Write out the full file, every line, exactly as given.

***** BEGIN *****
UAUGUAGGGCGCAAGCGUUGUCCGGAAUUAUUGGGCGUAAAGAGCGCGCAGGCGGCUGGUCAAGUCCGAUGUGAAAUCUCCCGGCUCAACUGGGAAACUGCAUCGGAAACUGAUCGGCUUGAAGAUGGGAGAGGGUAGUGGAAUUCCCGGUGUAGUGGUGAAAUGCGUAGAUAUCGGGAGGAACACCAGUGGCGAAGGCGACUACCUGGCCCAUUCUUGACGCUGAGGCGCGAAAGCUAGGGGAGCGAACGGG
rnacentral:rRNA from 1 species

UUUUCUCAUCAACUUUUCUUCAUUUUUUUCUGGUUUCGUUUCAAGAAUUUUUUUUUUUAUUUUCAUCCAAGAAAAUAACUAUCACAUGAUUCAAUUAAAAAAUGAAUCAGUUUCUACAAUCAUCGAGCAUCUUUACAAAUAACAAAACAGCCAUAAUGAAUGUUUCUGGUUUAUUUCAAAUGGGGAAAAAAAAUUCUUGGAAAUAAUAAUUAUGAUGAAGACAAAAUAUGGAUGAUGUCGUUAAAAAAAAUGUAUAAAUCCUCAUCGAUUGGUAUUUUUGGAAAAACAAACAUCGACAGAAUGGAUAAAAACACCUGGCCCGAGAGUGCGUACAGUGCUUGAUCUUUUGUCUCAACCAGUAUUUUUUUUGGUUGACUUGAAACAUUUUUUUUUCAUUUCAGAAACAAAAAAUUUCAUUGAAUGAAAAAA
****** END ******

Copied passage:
UAUGUAGGGCGCAAGCGUUGUCCGGAAUUAUUGGGCGUAAAGAGCGCGCAGGCGGCUGGUCAAGUCCGAUGUGAAAUCUCCCGGCUCAACUGGGAAACUGCAUCGGAAACUGAUCGGCUUGAAGAUGGGAGAGGGUAGUGGAAUUCCCGGUGUAGUGGUGAAAUGCGUAGAUAUCGGGAGGAACACCAGUGGCGAAGGCGACUACCUGGCCCAUUCUUGACGCUGAGGCGCGAAAGCUAGGGGAGCGAACGGG
rnacentral:rRNA from 1 species

UUUUCUCAUCAACUUUUCUUCAUUUUUUUCUGGUUUCGUUUCAAGAAUUUUUUUUUUUAUUUUCAUCCAAGAAAAUAACUAUCACAUGAUUCAAUUAAAAAAUGAAUCAGUUUCUACAAUCAUCGAGCAUCUUUACAAAUAACAAAACAGCCAUAAUGAAUGUUUCUGGUUUAUUUCAAAUGGGGAAAAAAAAUUCUUGGAAAUAAUAAUUAUGAUGAAGACAAAAUAUGGAUGAUGUCGUUAAAAAAAAUGUAUAAAUCCUCAUCGAUUGGUAUUUUUGGAAAAACAAACAUCGACAGAAUGGAUAAAAACACCUGGCCCGAGAGUGCGUACAGUGCUUGAUCUUUUGUCUCAACCAGUAUUUUUUUUGGUUGACUUGAAACAUUUUUUUUUCAUUUCAGAAACAAAAAAUUUCAUUGAAUGAAAAAA